Statistical Significance (noun, “Stah-TISS-tih-cull Sig-NIFF-ih-cance”)
When a scientist talks about the results of their experiment, they might say their finding was “significant.” That’s not because the result will change science (though it might). In research, statistical significance is a phrase that scientists use when the difference they measure is unlikely to have occurred by chance.
A lot of things — in science and in life — happen by accident. Scientists try to make sure that accidents don’t happen. But they can’t prevent them all. Say a scientist is testing a fertilizer to see if it makes plants bigger. They give one group of plants the fertilizer and the other gets nothing but water and sun. But one plant in a greenhouse might get a little more water than another. Another might get slightly more sunlight. If the fertilized plants are taller than the unfertilized plants, how can the scientist be sure the fertilizer was the cause? They can’t. They can only say how likely it was the taller plants could happen by chance.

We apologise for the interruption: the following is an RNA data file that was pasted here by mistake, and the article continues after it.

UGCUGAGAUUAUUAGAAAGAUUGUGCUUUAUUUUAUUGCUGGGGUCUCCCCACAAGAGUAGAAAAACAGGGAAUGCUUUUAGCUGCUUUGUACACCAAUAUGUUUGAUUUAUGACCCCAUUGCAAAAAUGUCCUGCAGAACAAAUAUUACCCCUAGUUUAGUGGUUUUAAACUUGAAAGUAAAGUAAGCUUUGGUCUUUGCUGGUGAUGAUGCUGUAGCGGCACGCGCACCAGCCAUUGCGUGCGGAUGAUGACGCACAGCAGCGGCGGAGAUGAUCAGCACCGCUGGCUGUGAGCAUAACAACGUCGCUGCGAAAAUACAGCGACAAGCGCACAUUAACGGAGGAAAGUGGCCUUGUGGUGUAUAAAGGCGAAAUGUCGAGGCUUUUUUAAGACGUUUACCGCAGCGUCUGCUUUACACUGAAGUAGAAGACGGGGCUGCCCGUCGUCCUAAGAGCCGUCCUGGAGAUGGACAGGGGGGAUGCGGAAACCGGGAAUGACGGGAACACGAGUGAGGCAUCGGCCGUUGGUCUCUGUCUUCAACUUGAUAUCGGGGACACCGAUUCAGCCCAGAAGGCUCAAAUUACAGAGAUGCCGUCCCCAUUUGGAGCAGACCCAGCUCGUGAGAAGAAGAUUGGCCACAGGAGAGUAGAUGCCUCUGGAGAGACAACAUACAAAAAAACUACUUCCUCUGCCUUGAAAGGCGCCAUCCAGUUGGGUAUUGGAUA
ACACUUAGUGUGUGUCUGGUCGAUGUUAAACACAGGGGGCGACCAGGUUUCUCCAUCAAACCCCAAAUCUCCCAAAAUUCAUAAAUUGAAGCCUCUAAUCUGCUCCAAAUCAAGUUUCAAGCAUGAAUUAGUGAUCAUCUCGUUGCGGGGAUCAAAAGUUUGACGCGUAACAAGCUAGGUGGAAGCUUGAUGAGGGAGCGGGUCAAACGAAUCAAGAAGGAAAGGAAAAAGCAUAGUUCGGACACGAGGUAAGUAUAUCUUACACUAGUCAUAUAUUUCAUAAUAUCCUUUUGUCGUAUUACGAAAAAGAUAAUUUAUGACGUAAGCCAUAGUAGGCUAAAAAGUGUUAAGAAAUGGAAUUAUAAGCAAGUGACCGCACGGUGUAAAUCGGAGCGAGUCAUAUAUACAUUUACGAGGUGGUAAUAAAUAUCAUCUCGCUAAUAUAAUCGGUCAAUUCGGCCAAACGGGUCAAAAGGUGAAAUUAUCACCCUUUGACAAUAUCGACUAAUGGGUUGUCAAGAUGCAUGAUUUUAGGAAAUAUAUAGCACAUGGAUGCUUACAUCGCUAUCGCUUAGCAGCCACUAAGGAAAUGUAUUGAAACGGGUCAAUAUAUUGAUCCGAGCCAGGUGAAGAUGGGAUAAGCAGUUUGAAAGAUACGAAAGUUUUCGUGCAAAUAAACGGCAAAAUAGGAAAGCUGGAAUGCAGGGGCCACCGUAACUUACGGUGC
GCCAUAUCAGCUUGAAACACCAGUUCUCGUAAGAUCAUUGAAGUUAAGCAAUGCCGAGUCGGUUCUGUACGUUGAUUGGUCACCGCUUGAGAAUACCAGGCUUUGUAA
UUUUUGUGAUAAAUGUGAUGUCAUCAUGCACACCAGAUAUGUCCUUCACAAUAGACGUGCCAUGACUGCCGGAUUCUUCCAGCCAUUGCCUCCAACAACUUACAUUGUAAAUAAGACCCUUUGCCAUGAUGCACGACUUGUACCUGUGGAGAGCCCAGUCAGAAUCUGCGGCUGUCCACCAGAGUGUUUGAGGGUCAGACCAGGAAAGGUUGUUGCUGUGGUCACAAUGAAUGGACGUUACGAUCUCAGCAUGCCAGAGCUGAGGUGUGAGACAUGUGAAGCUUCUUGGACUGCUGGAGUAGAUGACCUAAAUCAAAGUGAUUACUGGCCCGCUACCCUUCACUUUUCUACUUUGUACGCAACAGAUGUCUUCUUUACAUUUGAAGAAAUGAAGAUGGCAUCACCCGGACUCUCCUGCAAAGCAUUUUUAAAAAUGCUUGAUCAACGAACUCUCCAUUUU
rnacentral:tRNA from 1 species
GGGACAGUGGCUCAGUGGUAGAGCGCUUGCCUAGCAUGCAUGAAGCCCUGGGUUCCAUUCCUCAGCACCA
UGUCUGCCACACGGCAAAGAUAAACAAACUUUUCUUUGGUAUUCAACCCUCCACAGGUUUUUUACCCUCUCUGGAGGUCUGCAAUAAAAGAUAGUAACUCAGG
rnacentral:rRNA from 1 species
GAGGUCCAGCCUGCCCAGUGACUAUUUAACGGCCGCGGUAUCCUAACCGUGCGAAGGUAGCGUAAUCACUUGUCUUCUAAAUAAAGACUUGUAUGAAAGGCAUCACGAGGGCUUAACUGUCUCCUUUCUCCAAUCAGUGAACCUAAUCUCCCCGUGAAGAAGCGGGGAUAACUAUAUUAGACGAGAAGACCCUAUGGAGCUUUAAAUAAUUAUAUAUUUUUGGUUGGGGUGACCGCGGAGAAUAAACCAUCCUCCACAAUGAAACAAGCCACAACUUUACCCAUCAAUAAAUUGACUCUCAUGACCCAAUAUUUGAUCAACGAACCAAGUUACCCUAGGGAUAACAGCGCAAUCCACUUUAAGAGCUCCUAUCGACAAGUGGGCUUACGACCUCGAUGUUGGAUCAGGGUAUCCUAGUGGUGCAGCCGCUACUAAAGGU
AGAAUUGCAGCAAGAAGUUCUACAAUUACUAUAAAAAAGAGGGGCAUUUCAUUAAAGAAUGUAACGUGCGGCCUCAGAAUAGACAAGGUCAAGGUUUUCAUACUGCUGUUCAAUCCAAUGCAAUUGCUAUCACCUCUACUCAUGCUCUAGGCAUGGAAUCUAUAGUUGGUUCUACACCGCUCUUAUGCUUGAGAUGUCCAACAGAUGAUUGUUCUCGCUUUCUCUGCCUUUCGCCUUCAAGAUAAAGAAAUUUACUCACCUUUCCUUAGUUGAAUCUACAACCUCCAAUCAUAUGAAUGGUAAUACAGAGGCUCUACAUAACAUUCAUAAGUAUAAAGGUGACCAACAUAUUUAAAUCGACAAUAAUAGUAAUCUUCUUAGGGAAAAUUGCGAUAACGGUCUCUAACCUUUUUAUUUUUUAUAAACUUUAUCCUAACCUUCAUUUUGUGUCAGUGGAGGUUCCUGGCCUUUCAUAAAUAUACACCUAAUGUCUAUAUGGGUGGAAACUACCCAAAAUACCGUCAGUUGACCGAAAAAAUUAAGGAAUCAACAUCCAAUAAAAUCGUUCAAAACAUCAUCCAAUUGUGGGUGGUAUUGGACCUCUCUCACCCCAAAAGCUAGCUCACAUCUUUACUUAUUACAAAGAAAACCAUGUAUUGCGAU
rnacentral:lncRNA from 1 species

Usually, statistical significance is defined as a probability. The probability being measured is how likely it is that a difference scientists measured was due to accident. They call this probability a p value. Many scientists accept a p value of 0.05 as statistically significant. That would mean that the results a scientist saw from their experiment would occur by chance only five percent of the time.
But just because a finding is statistically significant does not mean it is meaningful. A scientist might see a statistically significant result in cells in a dish. But it might not mean anything for a whole person’s health. A researcher might see a statistically significant result in a small sample of people. But the difference might disappear when more people are tested. A statistically significant finding can be interesting. But it should always be treated with caution.
In a sentence
Thicker snot doesn’t fly as far as thinner mucus, and the results are statistically significant.
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